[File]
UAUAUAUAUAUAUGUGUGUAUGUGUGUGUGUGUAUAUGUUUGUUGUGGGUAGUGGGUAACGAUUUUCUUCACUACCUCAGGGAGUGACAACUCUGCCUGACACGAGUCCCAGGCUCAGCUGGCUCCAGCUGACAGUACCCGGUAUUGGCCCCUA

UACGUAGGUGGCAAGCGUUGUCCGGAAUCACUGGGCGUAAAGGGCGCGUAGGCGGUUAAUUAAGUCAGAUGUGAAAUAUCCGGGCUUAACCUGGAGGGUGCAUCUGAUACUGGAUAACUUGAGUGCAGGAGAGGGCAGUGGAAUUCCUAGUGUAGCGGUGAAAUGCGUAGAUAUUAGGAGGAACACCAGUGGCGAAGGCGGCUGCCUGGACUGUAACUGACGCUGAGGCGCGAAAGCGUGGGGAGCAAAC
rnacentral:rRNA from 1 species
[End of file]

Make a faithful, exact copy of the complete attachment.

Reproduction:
UAUAUAUAUAUAUGUGUGUAUGUGUGUGUGUGUAUAUGUUUGUUGUGGGUAGUGGGUAACGAUUUUCUUCACUACCUCAGGGAGUGACAACUCUGCCUGACACGAGUCCCAGGCUCAGCUGGCUCCAGCUGACAGUACCCGGUAUUGGCCCCUA

UACGUAGGUGGCAAGCGUUGUCCGGAAUCACUGGGCGUAAAGGGCGCGUAGGCGGUUAAUUAAGUCAGAUGUGAAAUAUCCGGGCUUAACCUGGAGGGUGCAUCUGAUACUGGAUAACUUGAGUGCAGGAGAGGGCAGUGGAAUUCCUAGUGUAGCGGUGAAAUGCGUAGAUAUUAGGAGGAACACCAGUGGCGAAGGCGGCUGCCUGGACUGUAACUGACGCUGAGGCGCGAAAGCGUGGGGAGCAAAC
rnacentral:rRNA from 1 species